Readers of the Lost Arc: Gunsmith Cats 

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The perpetual dance between good and evil has been chronicled in human storytelling for centuries and our fascination with the topic exists to this day in the myriad of crime novels, television shows and movies that are readily at our disposal. In the 40’s crime dramas were all the rage in Hollywood and their popularity continues to influence modern filmmakers. Film noir was the birthplace of crooked cops, femme fatales, gangsters and detectives who crossed each other’s paths in a dangerous and sexually charged zip code. From the Big Heat to Murder My Sweet to The Postman Always Rings Twice, film noir exposed the underbelly of fictional cinematic societies and made audiences willing accomplices to the unsavoury actions depicted on screen.

 

Although the golden age of film noir came to an end in the late 50’s, its subject matter continues to grace the silver screen and the printed page. Raging BullBasic InstinctMiami VicePulp Fiction and Momento are all examples of films or TV shows that continue to tell stories in the noir style. The genre has also found its way into comics with such titles as 100 Bullets and Kenichi Sonoda’s Gunsmith Cats.

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Created, written and illustrated by Kenichi Sonoda, Gunsmith Cats first appeared in the February 1991 issue of Japanese publisher’s Afternoon manga magazine. Gunsmith Cats ran for seven years until the series came to an end in 1997. In 1995, Dark Horse Comics began publishing an English adaptation of the series for North American audiences. Dark Horse’s adaptation of Gunsmith Cats, converted into English by Studio Proteus, was published on a monthly basis from 1995 to 2001.

 

Gunsmith Cats revolved around its two central characters: 19 year-old bounty hunter Irene “Rally” Vincent and 18 year old former prostitute turned munitions expert, “Minnie” May Hopkins. According to an interview between Sonoda and Studio Proteus in the Gunsmith Cats: Bonnie and Clyde trade paperback, “Gunsmith Cats is a rollicking action story about a tough, female bounty hunter and her dangerous buddies who fight drug gangs and extortionists in the mean streets of Chicago.” Although the two lead characters continued a line of female dynamic duos in pop culture (e.g., Thelma and Louise, Wonder Woman and Wonder Girl, Zena and Gabrielle), the sex and violence depicted in the original series would probably face harsher public scrutiny if published today, especially considering Rally and May’s ages and appearances. While the series was intended for mature readers, Rally frequently ended up shirtless – wearing just her bra – and some of May’s sex scenes were removed, with Sonoda’s approval, in the North American edition.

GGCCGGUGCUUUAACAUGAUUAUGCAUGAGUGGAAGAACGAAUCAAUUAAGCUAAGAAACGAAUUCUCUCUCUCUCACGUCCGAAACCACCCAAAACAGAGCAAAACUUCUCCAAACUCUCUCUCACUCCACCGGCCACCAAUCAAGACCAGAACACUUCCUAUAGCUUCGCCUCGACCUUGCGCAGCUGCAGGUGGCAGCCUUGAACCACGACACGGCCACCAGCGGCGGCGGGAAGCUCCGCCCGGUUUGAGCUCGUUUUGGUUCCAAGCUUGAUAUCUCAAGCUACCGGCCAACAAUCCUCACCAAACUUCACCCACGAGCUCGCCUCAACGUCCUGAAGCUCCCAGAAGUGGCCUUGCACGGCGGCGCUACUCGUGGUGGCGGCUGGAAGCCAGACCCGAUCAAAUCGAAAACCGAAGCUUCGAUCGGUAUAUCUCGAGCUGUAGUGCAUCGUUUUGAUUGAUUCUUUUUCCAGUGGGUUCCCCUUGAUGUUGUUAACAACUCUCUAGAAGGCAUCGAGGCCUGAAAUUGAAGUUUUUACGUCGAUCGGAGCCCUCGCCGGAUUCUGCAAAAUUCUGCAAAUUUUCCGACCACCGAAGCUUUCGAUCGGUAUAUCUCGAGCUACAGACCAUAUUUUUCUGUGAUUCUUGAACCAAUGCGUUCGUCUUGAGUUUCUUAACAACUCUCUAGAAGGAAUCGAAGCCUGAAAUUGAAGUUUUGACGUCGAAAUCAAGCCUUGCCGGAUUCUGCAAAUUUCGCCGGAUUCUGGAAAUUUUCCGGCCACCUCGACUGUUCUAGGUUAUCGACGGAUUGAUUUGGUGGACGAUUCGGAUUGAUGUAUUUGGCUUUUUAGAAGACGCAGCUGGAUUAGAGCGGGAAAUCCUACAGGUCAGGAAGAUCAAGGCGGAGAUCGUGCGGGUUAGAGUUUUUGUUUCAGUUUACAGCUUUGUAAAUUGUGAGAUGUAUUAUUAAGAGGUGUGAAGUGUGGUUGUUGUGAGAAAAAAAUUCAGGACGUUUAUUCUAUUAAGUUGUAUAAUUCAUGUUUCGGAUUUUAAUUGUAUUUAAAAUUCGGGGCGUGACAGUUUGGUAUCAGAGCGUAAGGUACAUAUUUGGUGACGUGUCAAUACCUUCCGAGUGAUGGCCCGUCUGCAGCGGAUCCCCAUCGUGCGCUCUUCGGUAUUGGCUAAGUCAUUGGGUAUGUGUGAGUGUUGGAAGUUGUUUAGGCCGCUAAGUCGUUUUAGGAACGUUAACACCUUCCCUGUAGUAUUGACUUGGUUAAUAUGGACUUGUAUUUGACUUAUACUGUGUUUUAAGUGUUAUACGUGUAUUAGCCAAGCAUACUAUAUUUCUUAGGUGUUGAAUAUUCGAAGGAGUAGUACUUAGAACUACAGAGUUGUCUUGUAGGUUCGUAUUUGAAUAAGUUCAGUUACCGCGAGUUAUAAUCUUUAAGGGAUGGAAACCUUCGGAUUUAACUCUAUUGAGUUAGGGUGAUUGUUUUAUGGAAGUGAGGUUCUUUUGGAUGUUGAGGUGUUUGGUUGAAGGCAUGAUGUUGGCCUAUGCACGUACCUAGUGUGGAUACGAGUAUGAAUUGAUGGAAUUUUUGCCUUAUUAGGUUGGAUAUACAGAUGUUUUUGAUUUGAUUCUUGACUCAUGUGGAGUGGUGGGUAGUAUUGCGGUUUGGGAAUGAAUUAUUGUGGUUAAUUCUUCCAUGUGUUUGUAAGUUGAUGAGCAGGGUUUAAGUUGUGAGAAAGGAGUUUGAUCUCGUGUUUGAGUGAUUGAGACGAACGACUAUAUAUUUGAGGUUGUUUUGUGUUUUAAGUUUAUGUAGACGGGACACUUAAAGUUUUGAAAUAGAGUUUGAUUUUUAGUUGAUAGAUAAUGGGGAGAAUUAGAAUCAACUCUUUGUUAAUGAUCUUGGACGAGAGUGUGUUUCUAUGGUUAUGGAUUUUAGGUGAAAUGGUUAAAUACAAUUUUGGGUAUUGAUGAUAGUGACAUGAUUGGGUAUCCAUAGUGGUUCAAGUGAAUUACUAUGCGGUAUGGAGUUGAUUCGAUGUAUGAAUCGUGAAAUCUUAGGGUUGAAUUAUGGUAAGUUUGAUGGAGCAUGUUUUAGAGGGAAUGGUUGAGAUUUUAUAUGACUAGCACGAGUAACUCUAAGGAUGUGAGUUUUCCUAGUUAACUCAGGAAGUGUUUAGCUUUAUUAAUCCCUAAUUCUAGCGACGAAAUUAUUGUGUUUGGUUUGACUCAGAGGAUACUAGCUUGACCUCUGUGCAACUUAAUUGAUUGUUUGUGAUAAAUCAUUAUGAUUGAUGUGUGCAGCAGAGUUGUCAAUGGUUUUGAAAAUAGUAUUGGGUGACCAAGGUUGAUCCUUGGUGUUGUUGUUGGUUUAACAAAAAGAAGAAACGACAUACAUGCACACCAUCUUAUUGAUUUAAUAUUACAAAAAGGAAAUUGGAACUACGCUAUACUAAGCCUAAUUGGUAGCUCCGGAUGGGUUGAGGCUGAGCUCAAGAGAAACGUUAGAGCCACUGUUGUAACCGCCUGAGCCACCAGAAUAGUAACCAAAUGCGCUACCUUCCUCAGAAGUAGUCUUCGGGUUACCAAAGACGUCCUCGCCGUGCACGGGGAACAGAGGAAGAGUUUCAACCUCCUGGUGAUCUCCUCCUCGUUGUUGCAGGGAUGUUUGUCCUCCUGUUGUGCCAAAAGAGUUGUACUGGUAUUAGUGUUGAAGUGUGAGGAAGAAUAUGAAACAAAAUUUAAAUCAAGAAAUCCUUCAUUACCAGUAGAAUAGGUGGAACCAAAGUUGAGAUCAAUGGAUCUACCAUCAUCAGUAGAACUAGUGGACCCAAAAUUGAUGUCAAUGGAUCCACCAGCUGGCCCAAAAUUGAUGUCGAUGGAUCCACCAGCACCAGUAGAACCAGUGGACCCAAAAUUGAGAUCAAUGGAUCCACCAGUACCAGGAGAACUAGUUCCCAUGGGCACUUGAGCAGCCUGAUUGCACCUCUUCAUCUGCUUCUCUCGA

Heavily influenced by American movies like The Blues Brothers and The French Connection, Sonada included many of the elements contained in those types of films in his manga. Those elements, along with Sonada’s attention to detail and passion for guns and cars gave Gunsmith Cats an authenticity and style that made it feel like the comic book version of a Quentin Tarantino film.

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“The Bonnie and Clyde” storyline encompassed the first six issues of the series (“Feeding Trouble”, “Revolver Freak”, “Bonnie and Clyde”, “Hot Feeding”, “Burst”, and “CZ75”) and begins with Rally and May being hired to track down a fellow named Dodge, who is scheduled to testify against drug kingpin, John Harper. Complicating matters are the brother and sister duo of Bonnie and Clyde who have been contracted to eliminate Dodge before he can stand trial. What ensues is an explosion of gunfire, car chases and body parts as Rally and May’s assignment collides with Bonnie and Clyde’s murderous intentions.

 

With the success of the original manga in Japan, Gunsmith Cats was adapted into an anime in the mid 1990’s. The OVA consisted of three episodes and featured an original storyline. After the original manga series came to an end, Rally and May were revived with a sequel, Gunsmith Cats: Burst, in the mid 2000’s. Burst was published in Japan in the summer of 2005 and ran for three years. Dark Horse published the English version of Burst beginning in the spring of 2007 until its conclusion in 2010.

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Despite some t & a elements that may not be well received by modern audiences, Gunsmith Cats, with the right director and a good screenplay, has enough action, gunplay and car chases to produce an entertaining film. Considering the resurgence of crime dramas in recent years and the tendency for Hollywood to use comic books as its muse, it’ll be interesting to see if anyone uses Gunsmith Cats as a vehicle to get more female comic book characters onto the silver screen.

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